Sociocracy for Foodlands?

On May 17, 2023 Foodlands took a step further in the direction of a new governance model called Sociocracy by discussing and practicing some aspects of this governance model at our AGM. Leading up to the AGM, a working group or circle met every two weeks starting in March to learn more about Sociocracy, and I was lucky enough to be one of the participants. I would like to share the content of what we learned and discussed, as well as sprinkle in some personal reflections.

The first thing I noticed is that describing it is different from participating in it. Describing Sociocracy can quickly become nebulous and complex, and though it is important to understand the mechanics of this system of governance, I suspect you won’t really “get it” until you participate in it. For those who are perhaps more well versed in organizational structure than I am, I will do my best to describe the mechanics of Sociocracy as well.

Each meeting begins with a check in, where each participant takes a few moments to describe how they are arriving at the meeting. I found this simple structural component invaluable; knowing how others were arriving and having the opportunity to honestly share my own internal state engendered personal connection and made me more invested in listening to each participant more closely through the rest of the meeting. A check in round at the end of the meeting added even more richness to this process.

If there is one shape that is emblematic of Sociocracy it is the circle. Circles are groups of people united in the circles’ purpose, and they participate in meetings following some basic Sociocratic guidelines. An interesting part of the system of organization is that there are generally two people who function as links between the circles, sitting in on both circles and allowing for information to flow between circles.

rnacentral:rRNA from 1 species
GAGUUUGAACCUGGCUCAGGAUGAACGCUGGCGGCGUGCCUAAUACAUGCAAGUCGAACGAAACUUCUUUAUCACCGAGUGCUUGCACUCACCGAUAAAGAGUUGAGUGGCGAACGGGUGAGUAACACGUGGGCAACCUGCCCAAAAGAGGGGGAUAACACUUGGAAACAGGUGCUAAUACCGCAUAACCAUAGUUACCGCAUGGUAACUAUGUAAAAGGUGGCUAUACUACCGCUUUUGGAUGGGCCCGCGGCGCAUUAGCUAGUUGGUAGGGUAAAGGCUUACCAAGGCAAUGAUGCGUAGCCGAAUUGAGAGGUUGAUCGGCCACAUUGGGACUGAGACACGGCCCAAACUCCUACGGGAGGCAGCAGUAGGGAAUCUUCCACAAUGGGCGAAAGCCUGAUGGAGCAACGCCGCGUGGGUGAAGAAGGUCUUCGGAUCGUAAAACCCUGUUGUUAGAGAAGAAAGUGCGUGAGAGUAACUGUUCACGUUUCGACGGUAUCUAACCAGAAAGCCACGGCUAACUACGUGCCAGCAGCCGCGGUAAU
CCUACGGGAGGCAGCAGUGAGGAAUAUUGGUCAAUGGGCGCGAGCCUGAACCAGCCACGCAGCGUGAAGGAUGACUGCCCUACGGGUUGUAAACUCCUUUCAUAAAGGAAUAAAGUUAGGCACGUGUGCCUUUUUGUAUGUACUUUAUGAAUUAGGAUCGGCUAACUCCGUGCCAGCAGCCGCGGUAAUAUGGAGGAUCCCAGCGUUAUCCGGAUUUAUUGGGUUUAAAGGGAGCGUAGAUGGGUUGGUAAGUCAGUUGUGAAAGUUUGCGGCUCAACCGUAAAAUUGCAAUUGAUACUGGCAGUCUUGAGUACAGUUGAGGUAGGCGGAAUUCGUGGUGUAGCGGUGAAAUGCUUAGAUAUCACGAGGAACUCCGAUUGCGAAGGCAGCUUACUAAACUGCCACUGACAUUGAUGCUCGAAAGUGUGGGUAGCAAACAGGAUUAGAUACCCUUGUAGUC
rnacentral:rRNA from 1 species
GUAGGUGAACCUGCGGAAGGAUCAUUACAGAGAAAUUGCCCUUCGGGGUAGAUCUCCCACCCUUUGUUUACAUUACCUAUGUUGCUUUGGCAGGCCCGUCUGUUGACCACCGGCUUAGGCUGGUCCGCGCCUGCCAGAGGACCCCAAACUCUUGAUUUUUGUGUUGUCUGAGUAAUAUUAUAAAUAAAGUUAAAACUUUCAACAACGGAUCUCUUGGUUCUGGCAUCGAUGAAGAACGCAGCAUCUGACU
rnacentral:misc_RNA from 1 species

One participant in our working group described Sociocracy as “a flattening of power relations.” Decisions are made by going through several rounds where everyone has an opportunity to contribute such as deciding what a role will entail, a nomination round, a second nomination round in case people wish to change who they are nominating, and then a consent round. The diagram below shows that consent is more reflective of a range of tolerance than a preference, which enables more effective decision making. Again, to experience it is different than to describe it!

Range of tolerance is necessary to understand the large impact of the consent decision making

Taken from

As we delved deeper into the process, I noticed that people’s contributions became deeper and more reflective of their personal paradigms such as criticisms of colonialism and capitalism, making the meetings a space for honest dialogue and learning. In my opinion Sociocracy may be a great fit for Foodlands as there is quite a bit of flexibility built into the governance system, as well as enough practicality through focused circles and principles of decision making in order to accomplish tasks effectively. For more information about Sociocracy please visit

Olga Lansdorp 
Foodlands Cooperative Co-Manager